Special Report: Walkable Streets

Two Steps Forward, One Step Back on Pedestrian Safety in Hamilton

After years of neglect, there have been encouraging signs in the past couple of months that the City's attitude toward pedestrian safety is starting to change. It needs to change faster.

By Ryan McGreal
Published July 17, 2013

In the past couple of months, Public Works crews have been bolstering pedestrian crosswalks at various intersections across Hamilton. In the past month, this has included zebra crossings at several locations.

Zebra crossings are crosswalks defined by alternating bars of white and asphalt, which increase the visibility of the pedestrian crossing.

Zebra Sightings

A new Zebra crossing marks the intersection of Locke Street and Hunter Street:

Zebra crossing at Locke and Hunter (RTH file photo)
Zebra crossing at Locke and Hunter (RTH file photo)

The intersection is not signalized and there is no stop sign for drivers on Locke, though it is patrolled by a crossing guard during the school year. However, the City is reviewing the intersection and looking into the possibility of "additional or enhanced signing".

One possibility would be a flashing light similar to the intersection of Locke and Herkimer, which was recently upgraded with zebra crossings and bumpouts after an act of tactical urbanism in May.

Bumpouts, knockdown sticks and Zebra crossings at Herkimer and Locke (RTH file photo)
Bumpouts, knockdown sticks and Zebra crossings at Herkimer and Locke (RTH file photo)

Architect Graham McNally, who was one of the organizers of the Tactical Urbanism workshop and lecture in May, just posted a photo of a new zebra crossing at Aberdeen and Dundurn on twitter.

Zebra crossing at Aberdeen and Dundurn
Zebra crossing at Aberdeen and Dundurn (Image Credit: Graham McNally)

McNally wrote, "The effects of tactical urbanism continue to spread!"

The intersection at Aberdeen and Dundurn is particularly difficult for pedestrians because of high vehicle traffic volumes and an awkward three-stage traffic light cycle that can leave pedestrians cooling their heels for a long time.

This is further complicated by the removal of the sidewalk on the southwest corner during construction of the new Urban West Condo development at 427 Aberdeen Avenue.

427 Aberdeen Avenue (Image Credit: Jason Leach)
427 Aberdeen Avenue (Image Credit: Jason Leach)

The City is also installing zebra crossings at Upper Gage and Fennell and Upper Gage and Mohawk. Another twitter user, @danielacts1, recently shared a photo of the zebra crossing at Upper Gage and Mohawk:

Zebra crossing at Upper Gage and Mohawk (Image Credit: danielacts1 on twitter)
Zebra crossing at Upper Gage and Mohawk (Image Credit: danielacts1 on twitter)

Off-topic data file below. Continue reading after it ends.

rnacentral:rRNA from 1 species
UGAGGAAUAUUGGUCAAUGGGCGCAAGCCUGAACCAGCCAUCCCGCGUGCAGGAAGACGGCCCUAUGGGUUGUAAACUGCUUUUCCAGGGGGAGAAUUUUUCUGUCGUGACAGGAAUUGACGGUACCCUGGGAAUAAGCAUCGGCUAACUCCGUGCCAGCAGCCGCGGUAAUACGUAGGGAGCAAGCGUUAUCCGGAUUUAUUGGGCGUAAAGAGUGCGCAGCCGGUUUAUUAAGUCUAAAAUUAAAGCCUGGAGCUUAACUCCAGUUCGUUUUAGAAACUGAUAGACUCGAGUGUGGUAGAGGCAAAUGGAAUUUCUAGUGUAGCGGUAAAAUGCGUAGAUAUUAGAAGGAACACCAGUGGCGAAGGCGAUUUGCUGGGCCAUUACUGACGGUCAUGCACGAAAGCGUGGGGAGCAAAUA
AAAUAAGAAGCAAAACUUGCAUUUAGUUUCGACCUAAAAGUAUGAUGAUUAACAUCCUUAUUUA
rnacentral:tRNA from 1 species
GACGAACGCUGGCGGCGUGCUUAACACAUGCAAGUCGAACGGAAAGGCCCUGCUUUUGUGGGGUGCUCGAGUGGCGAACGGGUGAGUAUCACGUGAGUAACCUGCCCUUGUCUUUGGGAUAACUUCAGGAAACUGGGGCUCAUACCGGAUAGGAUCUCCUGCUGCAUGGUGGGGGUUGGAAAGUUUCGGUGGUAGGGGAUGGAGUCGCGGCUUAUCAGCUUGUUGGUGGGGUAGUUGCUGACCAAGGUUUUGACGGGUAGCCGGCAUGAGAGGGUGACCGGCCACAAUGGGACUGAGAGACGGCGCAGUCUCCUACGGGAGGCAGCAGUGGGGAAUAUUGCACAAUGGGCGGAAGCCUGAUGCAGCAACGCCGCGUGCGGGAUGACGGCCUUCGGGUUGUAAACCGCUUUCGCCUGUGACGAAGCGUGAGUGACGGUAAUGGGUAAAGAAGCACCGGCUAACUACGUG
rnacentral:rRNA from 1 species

This is the intersection where an 83-year-old pedestrian was killed after a collision with an automobile on May 25.

As the Ontario Coroner reminds us, young children and senior citizens are the most vulnerable road users, and streets should be designed to be safe for everyone.

Historically, the City has been deeply reluctant to invest in pedestrian-friendly infrastructure where such investment might interfere with the fast, unimpeded flow of automobile traffic. Just last December, an 87-year-old pedestrian was killed on Governer's Road at the very location where hundreds of residents had signed a petition calling for a crosswalk. Dundas Councillor Russ Powers had responded to the petition by saying the street was due to be renovated in 2017.

City Policy on Zebra Crossings

There have been encouraging signs in the past couple of months that the City's attitude toward streets designed to accommodate pedestrians is starting to change.

John Mater, director of corporate assets and strategic planning for the City of Hamilton, explained in an email that the staff are "looking at this issue in terms of where and under what criteria we should consider" zebra crossings.

He added, "There is a lot of pent up demand, they are marginally more expensive than regular markings and as you know we are playing a bit of a catch up here."

Staff "do support the use of these markings in more locations" but are reluctant to adopt zebra crossings as a standard for all intersections. Again, according to Mater:

Traffic Situations and problems are dynamic and changing, and what might be an appropriate use of a measure somewhere could be a very inappropriate use of the same measure somewhere else. From a technical perspective, the first challenge for us is to try to identify the problem and then design an appropriate plan for response. Once we lock down a standard, it may become difficult to do this properly, but things like zebra crossings should and will absolutely be a tool in our traffic toolbox.

One thing is clear: the more safe, welcoming and accessible the city makes its streets for pedestrians, the more people will walk. After public works staff installed a button-activated crosswalk at Aberdeen and Kent last year, pedestrian use more than tripled.

Missed Opportunities

Unfortunately, even now we are missing great opportunities to make more substantial improvements to walkability and bikeability on Hamilton streets.

The city just repainted the existing vehicle lanes on King Street instead of adding a protected bike lane at effectively zero cost. This is despite the fact that King has significant excess lane capacity - even during rush hour, there were no significant slowdowns during the roadwork.